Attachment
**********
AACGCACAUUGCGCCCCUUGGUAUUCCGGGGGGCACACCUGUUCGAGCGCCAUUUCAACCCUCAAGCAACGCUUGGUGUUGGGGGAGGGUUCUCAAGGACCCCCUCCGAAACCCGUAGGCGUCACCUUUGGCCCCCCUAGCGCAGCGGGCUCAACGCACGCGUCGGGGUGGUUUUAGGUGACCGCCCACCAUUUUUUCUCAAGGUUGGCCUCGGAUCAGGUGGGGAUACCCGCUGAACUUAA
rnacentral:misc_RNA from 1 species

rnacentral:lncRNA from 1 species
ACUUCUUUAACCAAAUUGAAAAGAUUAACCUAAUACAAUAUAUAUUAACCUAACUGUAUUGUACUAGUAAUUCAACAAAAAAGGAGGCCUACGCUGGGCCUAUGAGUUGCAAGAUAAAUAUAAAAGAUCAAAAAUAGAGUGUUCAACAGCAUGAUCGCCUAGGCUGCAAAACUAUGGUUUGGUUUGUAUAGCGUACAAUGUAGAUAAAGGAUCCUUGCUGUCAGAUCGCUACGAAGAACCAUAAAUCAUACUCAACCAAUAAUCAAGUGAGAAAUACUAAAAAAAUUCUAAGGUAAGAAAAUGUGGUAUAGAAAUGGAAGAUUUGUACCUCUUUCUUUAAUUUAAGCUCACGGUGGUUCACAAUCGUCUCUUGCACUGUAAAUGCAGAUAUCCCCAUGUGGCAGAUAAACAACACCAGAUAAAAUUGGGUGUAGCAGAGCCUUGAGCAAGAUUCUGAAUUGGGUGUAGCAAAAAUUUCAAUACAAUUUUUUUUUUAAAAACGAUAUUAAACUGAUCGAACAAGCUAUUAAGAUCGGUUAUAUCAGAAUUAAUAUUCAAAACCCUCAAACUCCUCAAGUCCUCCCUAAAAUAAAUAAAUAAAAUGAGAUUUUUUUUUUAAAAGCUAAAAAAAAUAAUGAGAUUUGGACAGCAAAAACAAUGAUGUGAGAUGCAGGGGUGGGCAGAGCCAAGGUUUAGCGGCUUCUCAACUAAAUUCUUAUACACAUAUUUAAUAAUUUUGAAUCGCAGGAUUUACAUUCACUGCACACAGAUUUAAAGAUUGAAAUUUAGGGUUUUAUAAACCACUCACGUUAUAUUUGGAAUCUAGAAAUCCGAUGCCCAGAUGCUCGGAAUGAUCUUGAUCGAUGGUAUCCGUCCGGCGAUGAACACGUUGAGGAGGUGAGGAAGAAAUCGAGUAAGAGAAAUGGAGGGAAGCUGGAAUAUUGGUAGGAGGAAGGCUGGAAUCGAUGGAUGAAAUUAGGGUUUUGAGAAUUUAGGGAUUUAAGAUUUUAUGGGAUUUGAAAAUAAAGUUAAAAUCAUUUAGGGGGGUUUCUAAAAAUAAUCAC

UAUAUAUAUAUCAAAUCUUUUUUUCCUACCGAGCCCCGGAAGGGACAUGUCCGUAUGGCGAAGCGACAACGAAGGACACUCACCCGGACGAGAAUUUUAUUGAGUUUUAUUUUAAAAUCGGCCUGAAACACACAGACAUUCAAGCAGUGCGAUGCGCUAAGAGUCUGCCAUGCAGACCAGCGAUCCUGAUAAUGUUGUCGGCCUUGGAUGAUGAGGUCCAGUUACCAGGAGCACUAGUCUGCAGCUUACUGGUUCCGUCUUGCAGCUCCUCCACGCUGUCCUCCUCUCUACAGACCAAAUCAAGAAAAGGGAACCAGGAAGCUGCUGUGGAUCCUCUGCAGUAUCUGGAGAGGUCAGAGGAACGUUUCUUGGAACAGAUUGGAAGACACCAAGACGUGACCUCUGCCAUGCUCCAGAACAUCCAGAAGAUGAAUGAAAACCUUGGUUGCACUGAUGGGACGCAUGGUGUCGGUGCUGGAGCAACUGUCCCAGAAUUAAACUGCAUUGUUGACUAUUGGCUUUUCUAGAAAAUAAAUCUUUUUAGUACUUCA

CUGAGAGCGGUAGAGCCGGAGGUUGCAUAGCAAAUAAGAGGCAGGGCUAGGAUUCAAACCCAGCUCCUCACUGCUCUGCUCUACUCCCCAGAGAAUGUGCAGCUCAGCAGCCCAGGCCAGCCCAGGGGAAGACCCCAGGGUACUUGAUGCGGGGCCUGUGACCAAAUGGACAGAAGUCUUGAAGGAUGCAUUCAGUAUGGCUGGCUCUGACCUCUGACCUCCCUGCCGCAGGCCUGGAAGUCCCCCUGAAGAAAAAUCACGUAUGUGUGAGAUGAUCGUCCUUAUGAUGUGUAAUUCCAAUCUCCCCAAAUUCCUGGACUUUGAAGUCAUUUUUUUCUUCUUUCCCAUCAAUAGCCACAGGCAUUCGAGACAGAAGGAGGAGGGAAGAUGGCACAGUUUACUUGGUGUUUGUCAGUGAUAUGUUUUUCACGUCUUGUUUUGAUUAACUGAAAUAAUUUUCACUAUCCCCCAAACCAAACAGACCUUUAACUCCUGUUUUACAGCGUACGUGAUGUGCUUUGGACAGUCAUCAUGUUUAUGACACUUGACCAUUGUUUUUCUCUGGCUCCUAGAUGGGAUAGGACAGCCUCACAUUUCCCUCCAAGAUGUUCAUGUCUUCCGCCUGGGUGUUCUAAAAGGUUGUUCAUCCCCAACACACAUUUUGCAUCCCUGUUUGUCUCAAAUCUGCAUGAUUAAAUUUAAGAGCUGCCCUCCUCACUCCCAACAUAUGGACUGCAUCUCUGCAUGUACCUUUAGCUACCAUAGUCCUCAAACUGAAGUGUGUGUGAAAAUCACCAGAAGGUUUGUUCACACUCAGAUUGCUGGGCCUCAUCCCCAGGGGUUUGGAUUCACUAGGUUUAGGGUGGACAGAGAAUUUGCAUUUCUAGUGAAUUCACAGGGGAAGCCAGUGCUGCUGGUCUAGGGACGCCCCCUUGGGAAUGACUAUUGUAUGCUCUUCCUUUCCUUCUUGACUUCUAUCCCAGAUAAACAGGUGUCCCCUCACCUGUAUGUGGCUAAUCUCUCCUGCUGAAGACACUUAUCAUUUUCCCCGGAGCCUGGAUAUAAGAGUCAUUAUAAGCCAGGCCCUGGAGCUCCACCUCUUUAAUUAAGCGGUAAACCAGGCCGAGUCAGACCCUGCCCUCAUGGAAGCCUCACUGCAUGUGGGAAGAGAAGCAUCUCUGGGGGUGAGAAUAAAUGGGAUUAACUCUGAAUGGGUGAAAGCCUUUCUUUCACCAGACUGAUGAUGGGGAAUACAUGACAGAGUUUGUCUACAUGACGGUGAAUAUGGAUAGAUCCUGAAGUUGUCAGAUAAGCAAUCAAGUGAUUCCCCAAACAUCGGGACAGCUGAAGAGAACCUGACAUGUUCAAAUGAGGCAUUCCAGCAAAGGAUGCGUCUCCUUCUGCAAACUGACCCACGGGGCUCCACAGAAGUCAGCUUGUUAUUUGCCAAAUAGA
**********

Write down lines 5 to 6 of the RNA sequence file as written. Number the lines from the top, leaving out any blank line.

UAUAUAUAUAUCAAAUCUUUUUUUCCUACCGAGCCCCGGAAGGGACAUGUCCGUAUGGCGAAGCGACAACGAAGGACACUCACCCGGACGAGAAUUUUAUUGAGUUUUAUUUUAAAAUCGGCCUGAAACACACAGACAUUCAAGCAGUGCGAUGCGCUAAGAGUCUGCCAUGCAGACCAGCGAUCCUGAUAAUGUUGUCGGCCUUGGAUGAUGAGGUCCAGUUACCAGGAGCACUAGUCUGCAGCUUACUGGUUCCGUCUUGCAGCUCCUCCACGCUGUCCUCCUCUCUACAGACCAAAUCAAGAAAAGGGAACCAGGAAGCUGCUGUGGAUCCUCUGCAGUAUCUGGAGAGGUCAGAGGAACGUUUCUUGGAACAGAUUGGAAGACACCAAGACGUGACCUCUGCCAUGCUCCAGAACAUCCAGAAGAUGAAUGAAAACCUUGGUUGCACUGAUGGGACGCAUGGUGUCGGUGCUGGAGCAACUGUCCCAGAAUUAAACUGCAUUGUUGACUAUUGGCUUUUCUAGAAAAUAAAUCUUUUUAGUACUUCA

CUGAGAGCGGUAGAGCCGGAGGUUGCAUAGCAAAUAAGAGGCAGGGCUAGGAUUCAAACCCAGCUCCUCACUGCUCUGCUCUACUCCCCAGAGAAUGUGCAGCUCAGCAGCCCAGGCCAGCCCAGGGGAAGACCCCAGGGUACUUGAUGCGGGGCCUGUGACCAAAUGGACAGAAGUCUUGAAGGAUGCAUUCAGUAUGGCUGGCUCUGACCUCUGACCUCCCUGCCGCAGGCCUGGAAGUCCCCCUGAAGAAAAAUCACGUAUGUGUGAGAUGAUCGUCCUUAUGAUGUGUAAUUCCAAUCUCCCCAAAUUCCUGGACUUUGAAGUCAUUUUUUUCUUCUUUCCCAUCAAUAGCCACAGGCAUUCGAGACAGAAGGAGGAGGGAAGAUGGCACAGUUUACUUGGUGUUUGUCAGUGAUAUGUUUUUCACGUCUUGUUUUGAUUAACUGAAAUAAUUUUCACUAUCCCCCAAACCAAACAGACCUUUAACUCCUGUUUUACAGCGUACGUGAUGUGCUUUGGACAGUCAUCAUGUUUAUGACACUUGACCAUUGUUUUUCUCUGGCUCCUAGAUGGGAUAGGACAGCCUCACAUUUCCCUCCAAGAUGUUCAUGUCUUCCGCCUGGGUGUUCUAAAAGGUUGUUCAUCCCCAACACACAUUUUGCAUCCCUGUUUGUCUCAAAUCUGCAUGAUUAAAUUUAAGAGCUGCCCUCCUCACUCCCAACAUAUGGACUGCAUCUCUGCAUGUACCUUUAGCUACCAUAGUCCUCAAACUGAAGUGUGUGUGAAAAUCACCAGAAGGUUUGUUCACACUCAGAUUGCUGGGCCUCAUCCCCAGGGGUUUGGAUUCACUAGGUUUAGGGUGGACAGAGAAUUUGCAUUUCUAGUGAAUUCACAGGGGAAGCCAGUGCUGCUGGUCUAGGGACGCCCCCUUGGGAAUGACUAUUGUAUGCUCUUCCUUUCCUUCUUGACUUCUAUCCCAGAUAAACAGGUGUCCCCUCACCUGUAUGUGGCUAAUCUCUCCUGCUGAAGACACUUAUCAUUUUCCCCGGAGCCUGGAUAUAAGAGUCAUUAUAAGCCAGGCCCUGGAGCUCCACCUCUUUAAUUAAGCGGUAAACCAGGCCGAGUCAGACCCUGCCCUCAUGGAAGCCUCACUGCAUGUGGGAAGAGAAGCAUCUCUGGGGGUGAGAAUAAAUGGGAUUAACUCUGAAUGGGUGAAAGCCUUUCUUUCACCAGACUGAUGAUGGGGAAUACAUGACAGAGUUUGUCUACAUGACGGUGAAUAUGGAUAGAUCCUGAAGUUGUCAGAUAAGCAAUCAAGUGAUUCCCCAAACAUCGGGACAGCUGAAGAGAACCUGACAUGUUCAAAUGAGGCAUUCCAGCAAAGGAUGCGUCUCCUUCUGCAAACUGACCCACGGGGCUCCACAGAAGUCAGCUUGUUAUUUGCCAAAUAGA